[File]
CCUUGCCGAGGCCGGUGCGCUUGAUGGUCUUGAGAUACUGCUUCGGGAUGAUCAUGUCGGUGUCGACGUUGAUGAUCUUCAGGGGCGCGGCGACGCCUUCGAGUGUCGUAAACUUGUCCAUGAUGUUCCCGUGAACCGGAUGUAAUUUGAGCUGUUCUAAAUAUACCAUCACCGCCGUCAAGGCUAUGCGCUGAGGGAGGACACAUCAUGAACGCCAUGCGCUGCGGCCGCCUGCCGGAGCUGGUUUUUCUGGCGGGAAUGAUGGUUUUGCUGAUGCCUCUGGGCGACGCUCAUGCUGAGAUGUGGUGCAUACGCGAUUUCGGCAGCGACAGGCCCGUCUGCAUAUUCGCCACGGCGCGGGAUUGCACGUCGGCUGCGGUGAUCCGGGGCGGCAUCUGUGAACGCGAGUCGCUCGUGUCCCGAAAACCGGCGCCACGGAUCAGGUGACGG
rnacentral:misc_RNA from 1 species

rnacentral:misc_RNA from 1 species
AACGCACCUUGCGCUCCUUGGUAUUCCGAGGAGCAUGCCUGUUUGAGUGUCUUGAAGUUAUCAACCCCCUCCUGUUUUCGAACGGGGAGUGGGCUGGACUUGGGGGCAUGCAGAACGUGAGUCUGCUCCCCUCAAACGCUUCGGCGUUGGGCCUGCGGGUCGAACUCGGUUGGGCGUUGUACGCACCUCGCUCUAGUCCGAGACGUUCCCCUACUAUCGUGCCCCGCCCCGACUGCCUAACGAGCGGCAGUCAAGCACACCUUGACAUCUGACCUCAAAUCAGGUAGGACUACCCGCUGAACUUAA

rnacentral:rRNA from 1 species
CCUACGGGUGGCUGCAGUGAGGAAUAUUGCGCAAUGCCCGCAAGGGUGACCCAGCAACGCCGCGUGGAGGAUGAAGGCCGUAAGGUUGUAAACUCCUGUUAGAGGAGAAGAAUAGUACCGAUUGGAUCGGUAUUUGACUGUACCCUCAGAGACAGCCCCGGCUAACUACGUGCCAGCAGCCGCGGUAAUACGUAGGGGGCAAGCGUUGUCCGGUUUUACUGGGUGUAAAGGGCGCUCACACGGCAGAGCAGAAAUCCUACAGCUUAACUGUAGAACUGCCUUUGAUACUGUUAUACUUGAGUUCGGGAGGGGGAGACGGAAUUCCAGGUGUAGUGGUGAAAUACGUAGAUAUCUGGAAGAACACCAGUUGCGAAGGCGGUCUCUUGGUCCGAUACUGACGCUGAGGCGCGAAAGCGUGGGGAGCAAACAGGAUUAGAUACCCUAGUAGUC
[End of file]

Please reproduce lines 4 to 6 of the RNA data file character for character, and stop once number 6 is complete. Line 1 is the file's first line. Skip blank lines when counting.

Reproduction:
AACGCACCUUGCGCUCCUUGGUAUUCCGAGGAGCAUGCCUGUUUGAGUGUCUUGAAGUUAUCAACCCCCUCCUGUUUUCGAACGGGGAGUGGGCUGGACUUGGGGGCAUGCAGAACGUGAGUCUGCUCCCCUCAAACGCUUCGGCGUUGGGCCUGCGGGUCGAACUCGGUUGGGCGUUGUACGCACCUCGCUCUAGUCCGAGACGUUCCCCUACUAUCGUGCCCCGCCCCGACUGCCUAACGAGCGGCAGUCAAGCACACCUUGACAUCUGACCUCAAAUCAGGUAGGACUACCCGCUGAACUUAA

rnacentral:rRNA from 1 species
CCUACGGGUGGCUGCAGUGAGGAAUAUUGCGCAAUGCCCGCAAGGGUGACCCAGCAACGCCGCGUGGAGGAUGAAGGCCGUAAGGUUGUAAACUCCUGUUAGAGGAGAAGAAUAGUACCGAUUGGAUCGGUAUUUGACUGUACCCUCAGAGACAGCCCCGGCUAACUACGUGCCAGCAGCCGCGGUAAUACGUAGGGGGCAAGCGUUGUCCGGUUUUACUGGGUGUAAAGGGCGCUCACACGGCAGAGCAGAAAUCCUACAGCUUAACUGUAGAACUGCCUUUGAUACUGUUAUACUUGAGUUCGGGAGGGGGAGACGGAAUUCCAGGUGUAGUGGUGAAAUACGUAGAUAUCUGGAAGAACACCAGUUGCGAAGGCGGUCUCUUGGUCCGAUACUGACGCUGAGGCGCGAAAGCGUGGGGAGCAAACAGGAUUAGAUACCCUAGUAGUC